Friday, July 15, 2016

Amino acids with acidic side chains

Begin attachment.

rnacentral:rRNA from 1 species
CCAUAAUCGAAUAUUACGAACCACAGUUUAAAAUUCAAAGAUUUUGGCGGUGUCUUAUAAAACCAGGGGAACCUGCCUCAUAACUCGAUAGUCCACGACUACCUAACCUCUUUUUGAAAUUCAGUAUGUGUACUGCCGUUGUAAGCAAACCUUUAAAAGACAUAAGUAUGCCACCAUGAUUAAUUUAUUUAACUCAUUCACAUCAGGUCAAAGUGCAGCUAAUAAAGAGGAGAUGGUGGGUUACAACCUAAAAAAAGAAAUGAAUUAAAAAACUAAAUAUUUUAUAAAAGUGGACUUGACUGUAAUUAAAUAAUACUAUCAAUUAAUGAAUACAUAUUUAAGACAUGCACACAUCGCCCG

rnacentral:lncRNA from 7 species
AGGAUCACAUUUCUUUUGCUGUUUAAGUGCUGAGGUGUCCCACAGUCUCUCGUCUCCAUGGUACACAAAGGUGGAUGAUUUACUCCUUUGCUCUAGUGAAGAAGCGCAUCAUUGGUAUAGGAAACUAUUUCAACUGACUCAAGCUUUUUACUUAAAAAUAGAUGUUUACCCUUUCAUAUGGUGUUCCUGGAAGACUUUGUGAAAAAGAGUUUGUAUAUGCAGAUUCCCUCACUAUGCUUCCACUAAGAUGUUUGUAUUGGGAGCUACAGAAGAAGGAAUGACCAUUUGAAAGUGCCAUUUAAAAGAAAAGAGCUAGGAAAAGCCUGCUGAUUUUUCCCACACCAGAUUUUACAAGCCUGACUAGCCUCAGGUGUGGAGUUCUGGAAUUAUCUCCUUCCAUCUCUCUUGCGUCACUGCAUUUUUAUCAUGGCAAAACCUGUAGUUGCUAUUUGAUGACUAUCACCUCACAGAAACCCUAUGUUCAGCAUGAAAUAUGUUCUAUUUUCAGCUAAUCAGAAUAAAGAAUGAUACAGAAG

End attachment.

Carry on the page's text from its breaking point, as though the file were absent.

This is the latest group of standard amino group that I will describe. It consists of 2 amino acids, glutamate (also called glutamic acid) and aspartate (also called aspartic acid). Both have a carboxylic group in its side chain, which, being a weak acid group, confers acidic properties to the side chain. In other words, these side chains tend to have a negative charge as a result of deprotonation of the carboxylic group. They are, therefore, very important amino acids to establish ionic interactions with amino acids with alkaline side chains (more information on these amino acids here), and these forces may also be called salt bridges. In order to avoid confusion in the nomenclature of the carboxylic group of the side chain and the carboxylic group attached to the alpha carbon, the side chain group is typically referred to as gamma-carboxylic. The difference between glutamate and aspartate is just a methylene group -CH2 -. Indeed, glutamate has one more carbon (in the form of methylene group) than aspartate. Both can be obtained from intermediates of the Krebs cycle (glutamate from alpha-ketoglutarate and aspartate from oxaloacetate), and besides being building blocks for protein synthesis, they are also used as neurotransmitters. Glutamate also plays a very important role in terms of the sense of taste, and is also important as a donor of amino groups in several reactions of biosynthesis of nitrogenous molecules.

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